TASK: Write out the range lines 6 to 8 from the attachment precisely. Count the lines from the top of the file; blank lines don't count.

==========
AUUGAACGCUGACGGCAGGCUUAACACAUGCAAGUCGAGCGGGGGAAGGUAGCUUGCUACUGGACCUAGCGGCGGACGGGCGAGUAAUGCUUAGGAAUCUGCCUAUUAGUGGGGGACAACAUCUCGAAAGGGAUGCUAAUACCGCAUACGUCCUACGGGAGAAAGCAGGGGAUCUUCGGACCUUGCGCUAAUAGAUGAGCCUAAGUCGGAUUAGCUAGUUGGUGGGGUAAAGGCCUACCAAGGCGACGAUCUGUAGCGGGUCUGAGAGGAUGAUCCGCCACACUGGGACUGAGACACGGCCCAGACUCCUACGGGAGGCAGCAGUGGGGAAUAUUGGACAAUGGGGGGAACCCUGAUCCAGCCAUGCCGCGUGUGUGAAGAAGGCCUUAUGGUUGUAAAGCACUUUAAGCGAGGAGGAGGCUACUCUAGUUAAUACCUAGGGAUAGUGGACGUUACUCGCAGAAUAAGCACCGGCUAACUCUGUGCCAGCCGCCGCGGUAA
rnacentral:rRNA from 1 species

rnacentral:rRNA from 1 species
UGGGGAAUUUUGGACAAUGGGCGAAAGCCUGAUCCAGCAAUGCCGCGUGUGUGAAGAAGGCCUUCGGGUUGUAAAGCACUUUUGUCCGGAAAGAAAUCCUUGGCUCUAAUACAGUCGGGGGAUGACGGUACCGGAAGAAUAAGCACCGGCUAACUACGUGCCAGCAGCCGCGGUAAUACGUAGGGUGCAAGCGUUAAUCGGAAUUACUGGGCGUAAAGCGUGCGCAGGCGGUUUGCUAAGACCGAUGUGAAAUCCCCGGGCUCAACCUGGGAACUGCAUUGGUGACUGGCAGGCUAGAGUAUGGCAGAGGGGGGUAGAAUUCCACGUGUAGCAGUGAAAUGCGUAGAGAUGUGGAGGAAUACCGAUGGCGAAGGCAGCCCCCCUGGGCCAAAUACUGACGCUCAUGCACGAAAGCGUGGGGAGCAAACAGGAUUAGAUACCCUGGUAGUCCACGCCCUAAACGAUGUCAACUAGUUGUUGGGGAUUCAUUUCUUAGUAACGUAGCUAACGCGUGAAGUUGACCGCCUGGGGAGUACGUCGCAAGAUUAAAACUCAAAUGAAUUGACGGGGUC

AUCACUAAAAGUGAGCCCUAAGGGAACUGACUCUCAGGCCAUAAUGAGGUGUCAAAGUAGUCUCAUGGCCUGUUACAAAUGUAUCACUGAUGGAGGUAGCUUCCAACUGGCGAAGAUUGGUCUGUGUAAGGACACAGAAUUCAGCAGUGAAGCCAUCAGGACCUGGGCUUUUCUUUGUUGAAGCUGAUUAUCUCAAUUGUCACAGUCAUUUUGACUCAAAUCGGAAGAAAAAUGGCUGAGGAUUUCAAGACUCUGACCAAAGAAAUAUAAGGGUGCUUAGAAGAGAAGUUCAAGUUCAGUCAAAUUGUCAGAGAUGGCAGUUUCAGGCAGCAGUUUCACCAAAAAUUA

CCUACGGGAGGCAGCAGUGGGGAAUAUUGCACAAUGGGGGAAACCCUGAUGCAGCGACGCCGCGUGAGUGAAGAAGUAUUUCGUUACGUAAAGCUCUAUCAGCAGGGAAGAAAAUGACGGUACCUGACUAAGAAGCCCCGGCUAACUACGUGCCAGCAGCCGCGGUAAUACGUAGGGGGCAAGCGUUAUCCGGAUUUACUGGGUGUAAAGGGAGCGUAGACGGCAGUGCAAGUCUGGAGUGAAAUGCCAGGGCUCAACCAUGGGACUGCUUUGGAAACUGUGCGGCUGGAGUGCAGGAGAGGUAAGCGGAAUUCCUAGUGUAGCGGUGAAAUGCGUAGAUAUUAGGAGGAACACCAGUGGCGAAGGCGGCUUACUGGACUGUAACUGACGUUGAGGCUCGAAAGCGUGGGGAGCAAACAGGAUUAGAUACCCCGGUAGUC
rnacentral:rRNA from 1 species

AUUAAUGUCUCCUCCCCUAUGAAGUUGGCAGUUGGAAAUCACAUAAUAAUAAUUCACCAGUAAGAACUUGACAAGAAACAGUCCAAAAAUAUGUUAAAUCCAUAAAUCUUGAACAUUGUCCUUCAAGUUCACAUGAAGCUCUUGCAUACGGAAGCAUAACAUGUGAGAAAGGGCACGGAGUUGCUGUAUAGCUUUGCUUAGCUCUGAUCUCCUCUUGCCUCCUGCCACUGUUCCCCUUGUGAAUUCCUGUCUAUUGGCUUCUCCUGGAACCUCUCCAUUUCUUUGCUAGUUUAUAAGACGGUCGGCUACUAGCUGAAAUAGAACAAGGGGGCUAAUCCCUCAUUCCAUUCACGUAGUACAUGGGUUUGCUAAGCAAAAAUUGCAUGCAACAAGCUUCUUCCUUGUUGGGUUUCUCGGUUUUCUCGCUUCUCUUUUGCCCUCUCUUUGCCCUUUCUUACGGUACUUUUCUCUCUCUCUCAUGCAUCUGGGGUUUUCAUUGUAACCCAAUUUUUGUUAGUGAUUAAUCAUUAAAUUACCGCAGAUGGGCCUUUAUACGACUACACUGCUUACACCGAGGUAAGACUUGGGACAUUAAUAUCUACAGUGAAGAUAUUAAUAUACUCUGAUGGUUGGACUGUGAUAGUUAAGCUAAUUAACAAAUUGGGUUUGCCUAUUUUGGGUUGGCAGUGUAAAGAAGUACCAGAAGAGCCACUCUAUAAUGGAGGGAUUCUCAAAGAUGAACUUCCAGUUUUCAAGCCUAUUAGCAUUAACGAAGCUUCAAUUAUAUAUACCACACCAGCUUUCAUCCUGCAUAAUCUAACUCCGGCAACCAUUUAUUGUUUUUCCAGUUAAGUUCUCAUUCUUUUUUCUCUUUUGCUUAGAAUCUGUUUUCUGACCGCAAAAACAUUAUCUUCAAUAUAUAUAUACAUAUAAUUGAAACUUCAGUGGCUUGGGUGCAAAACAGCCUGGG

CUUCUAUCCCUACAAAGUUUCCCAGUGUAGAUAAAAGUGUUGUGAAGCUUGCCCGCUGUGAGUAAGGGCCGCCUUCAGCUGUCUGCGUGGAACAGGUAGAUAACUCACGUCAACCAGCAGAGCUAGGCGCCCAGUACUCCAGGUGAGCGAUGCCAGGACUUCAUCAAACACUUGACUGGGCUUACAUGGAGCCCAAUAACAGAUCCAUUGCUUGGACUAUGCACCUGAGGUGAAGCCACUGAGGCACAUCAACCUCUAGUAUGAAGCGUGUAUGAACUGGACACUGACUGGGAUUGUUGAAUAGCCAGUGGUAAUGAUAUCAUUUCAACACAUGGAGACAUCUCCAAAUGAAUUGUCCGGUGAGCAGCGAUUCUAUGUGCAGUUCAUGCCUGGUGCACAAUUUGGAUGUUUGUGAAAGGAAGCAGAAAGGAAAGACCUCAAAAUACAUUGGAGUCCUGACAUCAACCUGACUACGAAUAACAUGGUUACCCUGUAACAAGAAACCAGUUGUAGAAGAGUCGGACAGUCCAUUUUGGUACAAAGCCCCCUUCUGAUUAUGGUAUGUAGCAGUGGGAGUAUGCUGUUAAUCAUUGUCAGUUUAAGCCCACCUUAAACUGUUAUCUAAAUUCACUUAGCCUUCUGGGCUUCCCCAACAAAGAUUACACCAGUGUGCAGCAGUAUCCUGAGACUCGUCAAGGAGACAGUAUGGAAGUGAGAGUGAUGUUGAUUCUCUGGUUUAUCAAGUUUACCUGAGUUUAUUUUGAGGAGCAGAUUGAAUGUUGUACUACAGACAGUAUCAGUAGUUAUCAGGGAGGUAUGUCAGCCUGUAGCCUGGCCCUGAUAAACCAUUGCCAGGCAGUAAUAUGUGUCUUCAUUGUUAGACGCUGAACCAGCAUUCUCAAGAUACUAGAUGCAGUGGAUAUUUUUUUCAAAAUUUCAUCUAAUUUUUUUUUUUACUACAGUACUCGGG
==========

CCUACGGGAGGCAGCAGUGGGGAAUAUUGCACAAUGGGGGAAACCCUGAUGCAGCGACGCCGCGUGAGUGAAGAAGUAUUUCGUUACGUAAAGCUCUAUCAGCAGGGAAGAAAAUGACGGUACCUGACUAAGAAGCCCCGGCUAACUACGUGCCAGCAGCCGCGGUAAUACGUAGGGGGCAAGCGUUAUCCGGAUUUACUGGGUGUAAAGGGAGCGUAGACGGCAGUGCAAGUCUGGAGUGAAAUGCCAGGGCUCAACCAUGGGACUGCUUUGGAAACUGUGCGGCUGGAGUGCAGGAGAGGUAAGCGGAAUUCCUAGUGUAGCGGUGAAAUGCGUAGAUAUUAGGAGGAACACCAGUGGCGAAGGCGGCUUACUGGACUGUAACUGACGUUGAGGCUCGAAAGCGUGGGGAGCAAACAGGAUUAGAUACCCCGGUAGUC
rnacentral:rRNA from 1 species

AUUAAUGUCUCCUCCCCUAUGAAGUUGGCAGUUGGAAAUCACAUAAUAAUAAUUCACCAGUAAGAACUUGACAAGAAACAGUCCAAAAAUAUGUUAAAUCCAUAAAUCUUGAACAUUGUCCUUCAAGUUCACAUGAAGCUCUUGCAUACGGAAGCAUAACAUGUGAGAAAGGGCACGGAGUUGCUGUAUAGCUUUGCUUAGCUCUGAUCUCCUCUUGCCUCCUGCCACUGUUCCCCUUGUGAAUUCCUGUCUAUUGGCUUCUCCUGGAACCUCUCCAUUUCUUUGCUAGUUUAUAAGACGGUCGGCUACUAGCUGAAAUAGAACAAGGGGGCUAAUCCCUCAUUCCAUUCACGUAGUACAUGGGUUUGCUAAGCAAAAAUUGCAUGCAACAAGCUUCUUCCUUGUUGGGUUUCUCGGUUUUCUCGCUUCUCUUUUGCCCUCUCUUUGCCCUUUCUUACGGUACUUUUCUCUCUCUCUCAUGCAUCUGGGGUUUUCAUUGUAACCCAAUUUUUGUUAGUGAUUAAUCAUUAAAUUACCGCAGAUGGGCCUUUAUACGACUACACUGCUUACACCGAGGUAAGACUUGGGACAUUAAUAUCUACAGUGAAGAUAUUAAUAUACUCUGAUGGUUGGACUGUGAUAGUUAAGCUAAUUAACAAAUUGGGUUUGCCUAUUUUGGGUUGGCAGUGUAAAGAAGUACCAGAAGAGCCACUCUAUAAUGGAGGGAUUCUCAAAGAUGAACUUCCAGUUUUCAAGCCUAUUAGCAUUAACGAAGCUUCAAUUAUAUAUACCACACCAGCUUUCAUCCUGCAUAAUCUAACUCCGGCAACCAUUUAUUGUUUUUCCAGUUAAGUUCUCAUUCUUUUUUCUCUUUUGCUUAGAAUCUGUUUUCUGACCGCAAAAACAUUAUCUUCAAUAUAUAUAUACAUAUAAUUGAAACUUCAGUGGCUUGGGUGCAAAACAGCCUGGG